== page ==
“That’s it!” realized Ida. “Or music sucks so bad that it frightens the monster!”

“Hooray for us,” the other four said in monotone.

The members of Javelin F pulled out their instruments and started to play like garbage. The monster flopped over to the ground and begged for mercy.

“Please, ladies… I am not able to withstand your terrible music. I beg for mercy.”

“Well…” Ida twirled her hair. “Hey. Are you female?”

“I happen to be, yes.”

“Can you play bass guitar?”

“Do you have one?”

Ida tossed her a bass guitar.

“Name’s Lxcu. I’m just trying to get some medicinal herbs for my father.”

“Is that all?” Javelin F glared at the field.

“You could have asked,” said the field. “Take some of me, please. Then never return.”

Lxcu pulled at the strings and made it sing. The band had its bassist.

After they healed Lxcu’s father, the field sent the six women to Earth.

Problem was, they sucked really badly. They failed a second audition for the Battle of the Bands because even though each woman was skilled in her instrument, together, they were discordant.

The sextet gave up playing music professionally and became gardeners instead, eventually becoming CEOs of their own vegetable company. Lisa sold certain plants on the side, while Katya sold the pine cones she found.

But even after all of their misadventures, they still played music together in a private room underground, where only they could enjoy the terrible musical styling of Javelin F.

The Woman Who Wouldn’t Laugh At Death

The Woman Who Wouldn't Laugh At Death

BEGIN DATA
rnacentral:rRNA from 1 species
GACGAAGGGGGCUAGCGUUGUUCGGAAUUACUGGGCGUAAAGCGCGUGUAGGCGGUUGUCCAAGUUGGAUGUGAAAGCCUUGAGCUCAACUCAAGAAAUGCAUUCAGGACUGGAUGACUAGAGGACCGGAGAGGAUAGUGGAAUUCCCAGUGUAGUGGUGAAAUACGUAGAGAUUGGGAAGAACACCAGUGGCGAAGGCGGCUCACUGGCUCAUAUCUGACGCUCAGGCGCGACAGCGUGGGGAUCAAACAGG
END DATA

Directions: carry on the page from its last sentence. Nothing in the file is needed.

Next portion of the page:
“Debbie, you have to see this episode of Family Guy. It’s a murder-mystery!”

Debbie frowned at her father, which was par for the course with everyone. “I hate Family Guy. They treat death like a joke.”

Her father was living with her since his heart attack and the death of her mother. All he watched were crass comedies where people died a lot.

“Then I suppose you don’t want to watch A Million Ways To Die In The West,” he asked.

She slammed her door and locked it.

“Why do dumb boys like Daddy insist that death-humor is funny?” She screamed at the top of her lungs. “IT’S NOT FUNNY! IT’S NEVER BEEN FUNNY!”

A swirling black cloud manifested in her shoe closet. Red light poured from the walls.

“Hello, I’m Death. I want you to come with me.”

Debbie shook her head wildly, her hair flying every which way.

“Never! I’m never going to go with you!” she shrieked.

“Jesus Christ, dial it back a little, you snip.”

He touched her floor and they transported to a palace with checkerboard flooring.

“Nice floor, right? Jesus is my carpenter. Handy guy, even with the holes in his hands.”

She had to admit, it was gorgeous.

“It’s okay, I guess.

“You love it, Deborah. I need your help.”

“Me? Why would I help you?”

“I’m Death. I can kill you early.”

She thought for a minute. “Let’s strike a deal.”

Death grinned. “Ooh, ambitious! What is it?”

She took a deep breath. “I want to know how I die.”

Death laughed. “That’s all? Sure! I thought you’d ask me to make a meeting between you and your mother!”

Crap. She should have held out for more.

“I want to make you laugh, Debbie.”

Debbie clutched her belly.

“NO tickling! I’m super ticklish and I will break your jaw!”

“No, no. This is laughter of the verbal variety. We’re roasting God and I want to top Satan’s jokes.”

So God was real. Debbie was still not going to be religious.

“Okay, I’ll do it.”

“Wonderful! Take a seat!”

A seat manifested out of thin air. Debbie slowly lowered herself onto it.

Death pulled up a microphone. He opened his mouth and…

“So I was talking to God and Germany fell out of his mouth!”

No response.

“Hey,” asked Debbie. “Why me?”

“Um… you’re kind of a stick-in-the-ass about death humor. If I can make you laugh, I can definitely make God laugh.”